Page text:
Working at a grocery store is now a hazardous occupation

The coronavirus has turned the checkout line into a danger zone.
The coronavirus has turned the checkout line into a danger zone.
Image: Reuters/Carlos Osorio
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Walmart has announced a change in its face mask policy for employees. Once optional, masks will now be mandatory for workers in its stores, distribution and fulfillment centers, and in its corporate offices beginning Monday. The company will supply masks to employees who don’t have their own.

The new policy comes two weeks after the US Centers for Disease Control and Prevention (CDC) updated its guidance on face masks, recommending “cloth face coverings in public settings where other social distancing measures are difficult to maintain (e.g., grocery stores and pharmacies).” It’s arguably long overdue, and reflects the hazards faced by grocery workers in the Covid-19 pandemic.

Because grocery stores are among the essential businesses that have carried on during the pandemic, their workers are in constant proximity of potentially sick shoppers. While federal health authorities have debated the best ways to keep the public safe, companies have been left to devise their own policies. So far, they’ve varied widely, often leaving workers without protective equipment in circumstances where social distancing is impossible. Meanwhile, employees in workplaces from Amazon warehouses to local stores have been getting sick.

The situation is taking its toll. In the US more than 40 workers at stores such as Walmart, Kroger, and Trader Joe’s, as well as at meatpacking plants and food processing facilities, have died of Covid-19, according to the Washington Post.

On April 13, the United Food and Commercial Workers International Union (UFCW), which calls itself the largest food and retail union in the US, estimated the disease had claimed the lives of 30 of its members. Another 3,000 had had to call out sick from work after displaying symptoms or having other related issues. “The coronavirus pandemic represents the greatest health and safety crisis that America’s grocery and food workers have ever faced,” UFCW president Marc Perrone said.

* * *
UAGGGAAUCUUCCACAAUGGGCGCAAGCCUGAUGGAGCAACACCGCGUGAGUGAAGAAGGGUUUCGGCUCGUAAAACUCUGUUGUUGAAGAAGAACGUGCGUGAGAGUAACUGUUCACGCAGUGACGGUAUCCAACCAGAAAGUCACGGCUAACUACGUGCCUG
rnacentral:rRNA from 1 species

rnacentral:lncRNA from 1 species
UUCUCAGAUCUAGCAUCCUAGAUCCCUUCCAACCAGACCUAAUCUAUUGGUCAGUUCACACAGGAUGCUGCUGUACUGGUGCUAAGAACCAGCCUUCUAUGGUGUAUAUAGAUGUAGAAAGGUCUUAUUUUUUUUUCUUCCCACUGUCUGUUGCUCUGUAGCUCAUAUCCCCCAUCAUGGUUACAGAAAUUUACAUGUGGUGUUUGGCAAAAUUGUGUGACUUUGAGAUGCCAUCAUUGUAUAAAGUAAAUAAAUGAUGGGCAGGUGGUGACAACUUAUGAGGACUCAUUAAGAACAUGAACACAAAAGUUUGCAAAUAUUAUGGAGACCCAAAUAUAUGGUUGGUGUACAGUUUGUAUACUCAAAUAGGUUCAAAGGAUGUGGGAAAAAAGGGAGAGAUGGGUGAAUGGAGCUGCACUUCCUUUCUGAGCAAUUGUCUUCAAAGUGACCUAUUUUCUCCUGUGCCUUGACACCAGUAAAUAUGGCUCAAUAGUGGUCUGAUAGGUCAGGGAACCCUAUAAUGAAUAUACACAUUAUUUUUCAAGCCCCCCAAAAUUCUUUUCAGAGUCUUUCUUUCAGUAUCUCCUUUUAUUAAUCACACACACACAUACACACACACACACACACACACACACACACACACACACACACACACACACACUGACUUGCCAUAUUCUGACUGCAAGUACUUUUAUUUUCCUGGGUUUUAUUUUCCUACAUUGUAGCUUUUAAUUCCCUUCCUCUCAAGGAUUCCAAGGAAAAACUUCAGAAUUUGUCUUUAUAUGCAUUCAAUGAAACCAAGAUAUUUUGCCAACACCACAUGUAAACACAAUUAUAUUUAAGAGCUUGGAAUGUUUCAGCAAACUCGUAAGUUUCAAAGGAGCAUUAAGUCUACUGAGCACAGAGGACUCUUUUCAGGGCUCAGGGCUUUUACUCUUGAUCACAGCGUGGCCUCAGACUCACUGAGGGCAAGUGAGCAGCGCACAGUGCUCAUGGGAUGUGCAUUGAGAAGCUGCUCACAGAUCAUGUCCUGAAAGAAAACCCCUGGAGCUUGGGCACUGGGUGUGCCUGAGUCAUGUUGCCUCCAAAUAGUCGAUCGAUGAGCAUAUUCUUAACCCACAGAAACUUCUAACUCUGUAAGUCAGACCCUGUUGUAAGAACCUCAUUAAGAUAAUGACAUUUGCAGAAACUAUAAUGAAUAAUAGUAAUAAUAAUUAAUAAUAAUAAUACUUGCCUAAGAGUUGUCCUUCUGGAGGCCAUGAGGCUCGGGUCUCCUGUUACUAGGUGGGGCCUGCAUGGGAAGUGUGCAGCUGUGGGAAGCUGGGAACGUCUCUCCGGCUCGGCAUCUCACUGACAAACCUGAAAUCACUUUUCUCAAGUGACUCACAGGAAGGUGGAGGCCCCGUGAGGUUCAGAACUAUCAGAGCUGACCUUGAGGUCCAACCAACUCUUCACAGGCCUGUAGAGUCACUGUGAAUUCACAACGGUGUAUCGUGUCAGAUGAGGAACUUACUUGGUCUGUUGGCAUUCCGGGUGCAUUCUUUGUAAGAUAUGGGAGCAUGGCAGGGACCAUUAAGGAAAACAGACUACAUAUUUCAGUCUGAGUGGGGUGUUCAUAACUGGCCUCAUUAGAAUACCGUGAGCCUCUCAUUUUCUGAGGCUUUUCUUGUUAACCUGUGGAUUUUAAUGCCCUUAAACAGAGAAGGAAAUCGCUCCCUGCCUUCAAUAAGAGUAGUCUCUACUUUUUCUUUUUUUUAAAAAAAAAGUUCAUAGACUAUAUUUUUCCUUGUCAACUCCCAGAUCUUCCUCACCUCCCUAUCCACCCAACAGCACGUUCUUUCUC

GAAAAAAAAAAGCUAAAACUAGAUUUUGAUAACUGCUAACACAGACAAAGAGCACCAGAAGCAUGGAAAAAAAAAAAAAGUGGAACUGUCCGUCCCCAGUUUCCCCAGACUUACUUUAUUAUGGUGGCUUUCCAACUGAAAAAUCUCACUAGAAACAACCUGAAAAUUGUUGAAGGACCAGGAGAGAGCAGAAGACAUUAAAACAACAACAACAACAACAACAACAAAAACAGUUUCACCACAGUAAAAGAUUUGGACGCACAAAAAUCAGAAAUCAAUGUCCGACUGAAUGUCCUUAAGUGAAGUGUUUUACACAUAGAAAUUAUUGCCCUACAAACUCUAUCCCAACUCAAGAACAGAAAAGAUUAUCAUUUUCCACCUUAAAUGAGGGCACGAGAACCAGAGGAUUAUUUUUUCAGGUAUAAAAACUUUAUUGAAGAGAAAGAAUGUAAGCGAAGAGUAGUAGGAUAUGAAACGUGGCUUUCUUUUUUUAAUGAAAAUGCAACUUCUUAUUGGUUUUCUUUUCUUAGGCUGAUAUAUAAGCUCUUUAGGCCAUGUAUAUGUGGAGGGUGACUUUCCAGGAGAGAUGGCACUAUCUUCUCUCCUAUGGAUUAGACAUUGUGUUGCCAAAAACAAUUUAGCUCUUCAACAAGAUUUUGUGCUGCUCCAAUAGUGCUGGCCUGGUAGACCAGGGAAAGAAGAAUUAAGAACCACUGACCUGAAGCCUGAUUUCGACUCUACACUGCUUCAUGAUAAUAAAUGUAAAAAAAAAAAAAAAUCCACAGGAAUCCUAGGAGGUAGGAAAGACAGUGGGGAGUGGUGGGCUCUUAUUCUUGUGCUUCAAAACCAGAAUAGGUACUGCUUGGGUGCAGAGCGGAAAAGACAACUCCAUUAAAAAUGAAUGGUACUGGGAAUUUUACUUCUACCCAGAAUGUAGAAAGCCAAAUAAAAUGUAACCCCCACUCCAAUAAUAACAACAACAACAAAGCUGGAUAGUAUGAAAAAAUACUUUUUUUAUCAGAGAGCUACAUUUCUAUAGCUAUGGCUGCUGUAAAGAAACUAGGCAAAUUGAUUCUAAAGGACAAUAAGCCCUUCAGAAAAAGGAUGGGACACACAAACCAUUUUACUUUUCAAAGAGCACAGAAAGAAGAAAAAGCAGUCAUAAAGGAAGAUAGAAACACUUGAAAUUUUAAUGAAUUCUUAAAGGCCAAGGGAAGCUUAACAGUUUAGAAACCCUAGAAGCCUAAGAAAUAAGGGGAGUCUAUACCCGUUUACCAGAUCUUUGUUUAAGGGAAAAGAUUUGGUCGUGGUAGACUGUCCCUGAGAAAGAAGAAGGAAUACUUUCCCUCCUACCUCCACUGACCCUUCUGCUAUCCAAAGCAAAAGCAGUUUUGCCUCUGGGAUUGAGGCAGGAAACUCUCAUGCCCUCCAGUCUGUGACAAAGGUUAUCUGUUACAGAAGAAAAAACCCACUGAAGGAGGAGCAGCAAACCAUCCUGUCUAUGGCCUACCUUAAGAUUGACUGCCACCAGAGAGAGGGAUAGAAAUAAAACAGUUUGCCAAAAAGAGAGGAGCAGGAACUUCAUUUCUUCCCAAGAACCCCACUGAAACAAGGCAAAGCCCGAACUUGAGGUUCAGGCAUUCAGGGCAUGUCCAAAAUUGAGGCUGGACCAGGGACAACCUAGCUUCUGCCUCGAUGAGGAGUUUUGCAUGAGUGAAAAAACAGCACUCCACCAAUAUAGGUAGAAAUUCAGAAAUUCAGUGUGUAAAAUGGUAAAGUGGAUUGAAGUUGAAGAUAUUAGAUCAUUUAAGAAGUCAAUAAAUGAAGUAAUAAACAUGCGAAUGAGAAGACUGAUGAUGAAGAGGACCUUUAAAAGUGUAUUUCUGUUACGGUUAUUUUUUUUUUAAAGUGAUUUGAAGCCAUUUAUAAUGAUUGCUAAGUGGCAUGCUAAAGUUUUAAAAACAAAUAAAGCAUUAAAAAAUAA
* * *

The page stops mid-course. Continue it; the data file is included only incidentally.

The issue isn’t just about companies putting workers at risk. Included in the UFCW’s April 13 press release were results of a survey of 5,000 members that found 85% said customers weren’t practicing social distancing, though more states have at least begun requiring shoppers to wear masks.

“Grocery workers are risking their safety, often for poverty-level wages, so the rest of us can shelter in place,” John Logan, director of labor and employment studies at San Francisco State University, told the Washington Post. “The only way the rest of us are able to stay home is because they’re willing to go to work.”

In the US a disproportionate share of grocery workers are black and Latino—both groups have been dying at higher rates during the outbreak.

Some employees, deciding the low pay and risky environment don’t add up, are leaving their jobs. Meanwhile Walmart, Kroger, Amazon, and others are frantically hiring tens of thousands of workers to meet surging demand.

The companies have also been implementing more measures to protect workers. Kroger, for instance, has limited its stores to being filled to just 50% capacity to make social distancing easier. Amazon, owner of Whole Foods, has been distributing protective equipment to employees and conducting temperature checks, now with thermal cameras according to employees who spoke to Reuters.

Every measure helps, though many have come later than they should have.